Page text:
If you’re a smoker, quit. It’s the single best thing you can do for your heart health. Smoking is one of the main causes of coronary heart disease. A year after giving up, your risk of a heart attack falls to about half that of a smoker.
Lighting up can increase both your blood pressure and risk of blood clots. Nearly one-third of all deaths from coronary heart disease are related to smoking and the effects of secondhand smoke. Smoking is the most preventable cause of premature death. Even if you have already developed heart disease, it is still greatly beneficial to quit smoking.
Maintain A Healthy Weight
Packing on extra pounds can increase your risk for heart disease. If you are overweight or obese, try to lose weight by eating nutritious foods and exercising regularly. In particular, people who carry excess fat around their belly are more likely to develop heart disease and diabetes.
Add more fiber, fruit, lean protein and vegetables into your diet to balance boost your metabolism and therefore maintain a healthy weight. You can also increase your physical activity levels by reducing the amount of time you spend sitting and incorporating physical activity wherever you can! Take the stairs instead of the elevator. This can become a fun challenge! The simplest one of all is walking! This is just one simple way to help keep your heart healthy.
Keep Stress Levels Low
Stress can increase your risk of heart disease by more than double! Similar to smoking and diabetes, chronic stress puts the body into constant fight-or-flight mode, triggering inflammation, high blood pressure and other unhealthy changes. But mindfulness can be a powerful antidote to that modern state of overload. By focusing on our thoughts and sensations, we can learn to control our body’s response to stress.
Practices like meditation, breath work and yoga have been shown to dial down the stress response. Research also shows that yoga improves circulation and blood pressure and may lower the risk of heart disease. Better sleep is another benefit from meditating (and other stress busting habits) on a regular basis. Poor sleep habits may be linked with a greater risk for heart disease.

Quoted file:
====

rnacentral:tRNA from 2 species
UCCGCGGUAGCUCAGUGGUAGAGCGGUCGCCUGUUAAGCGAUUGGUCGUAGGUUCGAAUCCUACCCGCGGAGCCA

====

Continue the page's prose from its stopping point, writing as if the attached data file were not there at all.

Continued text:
Get PhysicalPhysical activity is any form of movement that works your muscles and uses more energy than you use when resting. Being physically active, along with following a healthy diet and not smoking, is one of the most important things you can do to keep your heart (and lungs) healthy. Yet, many Americans are not active enough. The good news is that even modest amounts of physical activity are good for your health. The more active you are, the more you will benefit. Physical activity, especially aerobic activity, is extremely beneficial for your heart. Physical activity strengthens your heart and reduces coronary heart disease risk factors. It can also lower blood pressure and greatly improve and manage levels of cholesterol and other fats in the blood that can be damaging to your health.
Oily fish such as sardines, mackerel, salmon and fresh tuna, are rich in omega-3 fatty acids, which are thought to be particularly beneficial for your heart because they improve your cholesterol levels. If you’re a vegetarian you can get omega-3 fats from spinach, wheat germ, walnuts, flaxseed and flaxseed oil, pumpkin seeds and more.
Omega-3 fatty acids are a type of polyunsaturated fat. We need these fats to build brain cells and for other important functions. Omega-3s help keep your heart healthy and protected against stroke and other health issues. They also help improve your heart health if you already have heart disease. Since your body does not make omega-3 fatty acids on its own, you need to get them from your diet.
Drink In Moderation
Heavy drinking does the body no favors. It can lead to weakened heart muscle and irregular heart rhythms, as well as dementia, cancer and stroke. But could drinking just a little be heart healthy? While some research suggests that moderate drinking is linked with lower rates of cardiovascular disease, the research does not prove cause and effect. For example, it could be that people who drink regularly take time to relax with loved ones, and that may be what is providing the heart benefit.
Alcohol consumption can also raise the levels of fat in the blood. People with high triglycerides often have high levels of bad cholesterol and low levels of good cholesterol. High levels of bad cholesterol can clog arteries and if a piece of plaque breaks off, a clot forms and a heart attack can result. Healthy drinking habits can greatly reduce the many issues associated with alcohol consumption.
Minimize Salt Intake
High salt intake impacts the body and your health in many ways and is linked to conditions other than high blood pressure such as heart failure/heart attack, stroke edema & thickening of the heart muscle.
If you have a diet high in salt, it’s likely that your blood pressure could be high too. This means you have an increased risk of suffering from heart disease or stroke. Cut down by trying not to use any salt at all at the table and reducing how much you use in cooking. Also, keep an eye on food labels to check how much salt you’re eating in processed foods. Cutting down on the salt doesn’t mean you have to cut out